The Good Luck Sister (Wildstone #1.5)(4)

He hissed in a breath and she set a hand on his chest. He remained still, but the steady beat of his heart reassured her. And something else, something that was her own little secret.

Whenever she was close to him like this, she felt warm. Hot, even. And tight, like her skin had shrunk and her body didn’t fit inside it.

She sighed, hating this big, fat crush she had on him. If he knew, he’d vanish from her life, so she kept her damn infatuation to herself. “Hungry?”

Eyes still closed, his lips curved. “Always.”

She laughed a little. This wasn’t a lie, the guy was truly always starving, like he was hollow on the inside and nothing could fill him up.

She reached across Dylan for the pack of crackers she had on her nightstand. Her arm brushed his and she felt a tingle make its way through her body. “Here,” she said, dipping the cracker first into the peanut butter and then the jelly, and holding it out to him.

He opened his eyes and then smiled. “PB and J for dinner.”

“Is there anything better?”

“No.” He sat up gingerly enough that she worried he’d been hurt elsewhere as well, but when he saw the look on her face, his eyes went dark. “Don’t,” he said and took the cracker, shoving the whole thing in his mouth.


“Not talking about it, Tee.”

They dipped crackers into the peanut butter and jelly until they were both full. Actually, she got full right away, but she didn’t want him to stop until he was full as well, so she totally overate.

And then had to open the top button on her jeans.

After, Dylan pulled her down with him to the bed again and closed his eyes. She thought that she couldn’t think of another place she’d rather be. She wanted them to grow up and still do this, still be like this. She’d be an artist and he’d be . . . “Dylan?” she whispered.


“What do you want to be when you get older?”


Her heart pinched. “I mean as a job.”

His hand squeezed hers. “It doesn’t matter,” he said a little dully.

She knew what that meant. He didn’t see himself making it out, and that made her so sad that she couldn’t speak for a long moment.

As if he knew he’d brought her down, he stirred himself and changed the subject. “Did you finish your biology homework?”

“Shh,” she said. “I’m sleeping.”


“You can help me tomorrow,” she murmured softly, letting herself relax against him, purposely letting him think she was exhausted.

She felt when the tension finally left him and he fell asleep. Only then did she allow her eyes to close. She was comfortable and she should’ve been thrilled because she never slept as well as she did when he was in her bed. But worry for him kept her up long after he’d drifted off . . .

On Wednesday, Dylan got to day two of graphic arts early, this time waiting for Tilly in the parking lot. After yesterday, he’d realized that surprising her in front of other people had been a tactical error. At the time, he’d thought seeing her in a public place might be easier for her. No, that was a lie. He’d been protecting himself.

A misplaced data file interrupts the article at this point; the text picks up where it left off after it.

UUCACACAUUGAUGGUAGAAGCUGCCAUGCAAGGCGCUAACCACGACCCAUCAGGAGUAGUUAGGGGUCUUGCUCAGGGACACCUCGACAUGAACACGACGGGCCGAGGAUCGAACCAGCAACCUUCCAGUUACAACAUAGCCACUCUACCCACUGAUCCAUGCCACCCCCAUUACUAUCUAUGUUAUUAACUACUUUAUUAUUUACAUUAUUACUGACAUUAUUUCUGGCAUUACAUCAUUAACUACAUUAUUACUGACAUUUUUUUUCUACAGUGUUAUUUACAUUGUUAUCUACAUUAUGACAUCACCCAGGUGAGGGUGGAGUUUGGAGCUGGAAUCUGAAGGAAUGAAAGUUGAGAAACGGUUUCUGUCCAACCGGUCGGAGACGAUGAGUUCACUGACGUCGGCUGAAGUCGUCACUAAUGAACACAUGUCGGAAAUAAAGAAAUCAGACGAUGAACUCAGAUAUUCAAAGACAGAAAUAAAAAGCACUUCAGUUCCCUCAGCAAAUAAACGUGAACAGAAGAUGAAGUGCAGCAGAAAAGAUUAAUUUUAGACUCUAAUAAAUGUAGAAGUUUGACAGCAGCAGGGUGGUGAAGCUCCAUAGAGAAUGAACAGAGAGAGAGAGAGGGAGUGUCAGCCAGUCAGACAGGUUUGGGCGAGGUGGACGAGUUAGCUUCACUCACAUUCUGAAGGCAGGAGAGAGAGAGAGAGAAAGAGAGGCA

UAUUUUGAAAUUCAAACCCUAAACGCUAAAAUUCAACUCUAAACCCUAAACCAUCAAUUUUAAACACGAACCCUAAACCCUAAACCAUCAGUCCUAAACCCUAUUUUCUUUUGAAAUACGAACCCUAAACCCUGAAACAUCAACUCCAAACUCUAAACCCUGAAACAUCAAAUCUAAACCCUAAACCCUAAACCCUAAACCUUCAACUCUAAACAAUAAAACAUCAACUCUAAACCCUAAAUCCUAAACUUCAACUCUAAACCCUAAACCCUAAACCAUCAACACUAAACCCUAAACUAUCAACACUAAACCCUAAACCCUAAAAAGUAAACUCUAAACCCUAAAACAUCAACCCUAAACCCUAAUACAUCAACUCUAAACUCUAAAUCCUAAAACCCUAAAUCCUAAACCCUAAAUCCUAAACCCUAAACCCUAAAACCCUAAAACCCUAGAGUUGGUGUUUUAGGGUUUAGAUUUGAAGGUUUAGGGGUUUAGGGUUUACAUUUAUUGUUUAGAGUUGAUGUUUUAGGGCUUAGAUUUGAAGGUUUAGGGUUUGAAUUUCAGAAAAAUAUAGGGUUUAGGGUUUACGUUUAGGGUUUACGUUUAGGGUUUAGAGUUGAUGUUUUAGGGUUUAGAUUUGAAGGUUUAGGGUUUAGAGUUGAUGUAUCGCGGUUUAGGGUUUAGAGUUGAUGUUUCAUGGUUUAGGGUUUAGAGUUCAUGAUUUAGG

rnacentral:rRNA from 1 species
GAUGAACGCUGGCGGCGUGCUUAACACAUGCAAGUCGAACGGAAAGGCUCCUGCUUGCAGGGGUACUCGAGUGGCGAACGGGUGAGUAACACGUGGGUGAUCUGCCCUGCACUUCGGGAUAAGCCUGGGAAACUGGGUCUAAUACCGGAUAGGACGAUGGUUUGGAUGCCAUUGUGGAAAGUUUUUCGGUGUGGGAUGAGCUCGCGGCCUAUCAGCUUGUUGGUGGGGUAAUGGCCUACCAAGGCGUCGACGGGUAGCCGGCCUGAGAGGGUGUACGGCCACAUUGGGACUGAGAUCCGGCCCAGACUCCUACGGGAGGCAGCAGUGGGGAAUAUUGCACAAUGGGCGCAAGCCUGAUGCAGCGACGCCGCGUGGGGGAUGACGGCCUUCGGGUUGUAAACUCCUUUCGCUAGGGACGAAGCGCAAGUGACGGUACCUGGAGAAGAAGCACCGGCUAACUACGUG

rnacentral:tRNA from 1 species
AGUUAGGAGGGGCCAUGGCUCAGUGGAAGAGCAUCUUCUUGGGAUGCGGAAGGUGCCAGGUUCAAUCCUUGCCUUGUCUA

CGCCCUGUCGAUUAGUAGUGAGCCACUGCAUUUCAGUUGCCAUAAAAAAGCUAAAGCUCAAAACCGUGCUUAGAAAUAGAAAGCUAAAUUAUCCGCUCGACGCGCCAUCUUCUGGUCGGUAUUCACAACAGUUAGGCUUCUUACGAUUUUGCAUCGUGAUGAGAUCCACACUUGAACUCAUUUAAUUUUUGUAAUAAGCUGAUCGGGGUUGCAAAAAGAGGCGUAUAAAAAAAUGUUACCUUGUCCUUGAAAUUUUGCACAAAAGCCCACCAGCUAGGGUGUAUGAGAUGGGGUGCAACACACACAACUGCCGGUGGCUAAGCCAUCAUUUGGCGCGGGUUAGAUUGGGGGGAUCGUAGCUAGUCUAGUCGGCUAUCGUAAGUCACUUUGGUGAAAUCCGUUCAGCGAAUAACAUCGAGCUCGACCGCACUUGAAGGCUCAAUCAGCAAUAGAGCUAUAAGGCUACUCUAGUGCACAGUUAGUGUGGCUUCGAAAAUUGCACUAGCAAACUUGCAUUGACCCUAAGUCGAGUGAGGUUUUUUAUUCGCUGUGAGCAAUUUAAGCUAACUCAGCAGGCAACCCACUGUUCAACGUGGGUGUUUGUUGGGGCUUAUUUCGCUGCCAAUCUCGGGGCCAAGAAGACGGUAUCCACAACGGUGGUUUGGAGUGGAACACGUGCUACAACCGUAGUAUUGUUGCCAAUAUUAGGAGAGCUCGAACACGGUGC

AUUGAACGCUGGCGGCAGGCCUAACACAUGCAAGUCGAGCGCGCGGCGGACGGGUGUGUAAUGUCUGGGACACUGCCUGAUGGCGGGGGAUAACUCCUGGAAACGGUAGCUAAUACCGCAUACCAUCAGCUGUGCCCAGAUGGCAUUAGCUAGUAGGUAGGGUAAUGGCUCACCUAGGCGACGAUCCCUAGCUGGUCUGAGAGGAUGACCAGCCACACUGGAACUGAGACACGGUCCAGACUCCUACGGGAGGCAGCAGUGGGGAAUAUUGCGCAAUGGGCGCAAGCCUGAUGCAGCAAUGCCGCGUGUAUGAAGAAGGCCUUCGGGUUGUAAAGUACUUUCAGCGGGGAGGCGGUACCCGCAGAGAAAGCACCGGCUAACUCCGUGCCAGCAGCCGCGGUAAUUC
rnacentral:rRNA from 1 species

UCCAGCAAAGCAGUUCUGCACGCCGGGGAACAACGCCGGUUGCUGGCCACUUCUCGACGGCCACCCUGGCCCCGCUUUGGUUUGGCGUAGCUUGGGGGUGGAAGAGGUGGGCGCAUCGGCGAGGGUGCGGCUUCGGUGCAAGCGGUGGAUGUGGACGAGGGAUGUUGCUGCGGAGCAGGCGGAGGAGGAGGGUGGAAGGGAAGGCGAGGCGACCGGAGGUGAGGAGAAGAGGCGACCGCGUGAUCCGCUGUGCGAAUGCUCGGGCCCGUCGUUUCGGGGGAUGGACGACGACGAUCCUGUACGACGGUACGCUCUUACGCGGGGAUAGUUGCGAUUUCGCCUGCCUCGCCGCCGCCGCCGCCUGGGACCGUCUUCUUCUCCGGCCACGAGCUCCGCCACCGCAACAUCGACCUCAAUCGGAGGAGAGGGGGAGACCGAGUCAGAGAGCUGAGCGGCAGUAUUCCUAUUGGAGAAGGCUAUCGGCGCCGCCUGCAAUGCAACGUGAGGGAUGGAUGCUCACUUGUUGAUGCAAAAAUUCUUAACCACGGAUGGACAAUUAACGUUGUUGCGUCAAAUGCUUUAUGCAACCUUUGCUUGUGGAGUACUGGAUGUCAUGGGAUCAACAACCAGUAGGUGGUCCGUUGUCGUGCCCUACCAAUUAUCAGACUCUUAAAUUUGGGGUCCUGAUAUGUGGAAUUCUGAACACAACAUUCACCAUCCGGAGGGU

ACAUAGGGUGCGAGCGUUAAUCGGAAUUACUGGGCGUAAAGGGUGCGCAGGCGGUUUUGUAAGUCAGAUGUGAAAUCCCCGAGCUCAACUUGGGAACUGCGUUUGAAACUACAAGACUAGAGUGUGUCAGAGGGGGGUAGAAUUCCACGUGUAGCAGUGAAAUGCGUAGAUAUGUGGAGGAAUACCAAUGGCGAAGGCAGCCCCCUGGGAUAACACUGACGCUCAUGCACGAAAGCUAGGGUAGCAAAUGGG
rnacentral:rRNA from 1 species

He’d been wrong.

For a long time, he’d been aware that someday his mistakes would catch up with him and he’d pay. There’d been so many he also knew it was going to hurt.

Pain had been a way of life for him growing up, so there’d been no reason it should change now, but this pain was different because it was pain he’d caused in someone else, in Tilly of all people, the only person who’d ever been there for him through thick and thin.

There’d been a hell of a lot of thin in those days.

And as Tilly pulled into the lot, parked, and got out of her car and caught sight of him, he could see the pain he’d caused her etched in every line of her tense body. Her big baby blue eyes, and all the emotions in them, sliced him open.

He should’ve left well enough alone. And maybe those words would be on his gravestone, but for now he had to see this through.

Shaking her head, she gathered her things and started toward the campus. He reached out to stop her and the little dog in her purse went apeshit.

“Arf, arf, arf, ARF!”

“Leo,” Tilly admonished. “Stop.”

“Arf, arf, arf, ARF!”

And since this was accompanied by a show of teeth, Dylan pulled his hand back, surprised because dogs loved him. “Tilly—”

“No,” she said, and then as if she’d been holding it all in, the words burst from her like a tidal wave as she whirled back to face him. “I mean you just up and vanished on me after graduation! You said you were going off to think, which implied you’d be back. You didn’t come back, Dylan, you went into the military, which is the opposite of coming back!”

He never took his dark gaze off hers. “I know.”

She shook her head. “You were my best friend and the love of my life, and you never even looked back. You’re such an asshole.”

“I know,” he repeated. “And I didn’t mean to throw you by taking your class. I just . . .”


“Wanted to see you.”

She shook her head, like she didn’t believe him, not that he could blame her. “Drop the class,” she said. “We have nothing more to discuss.”

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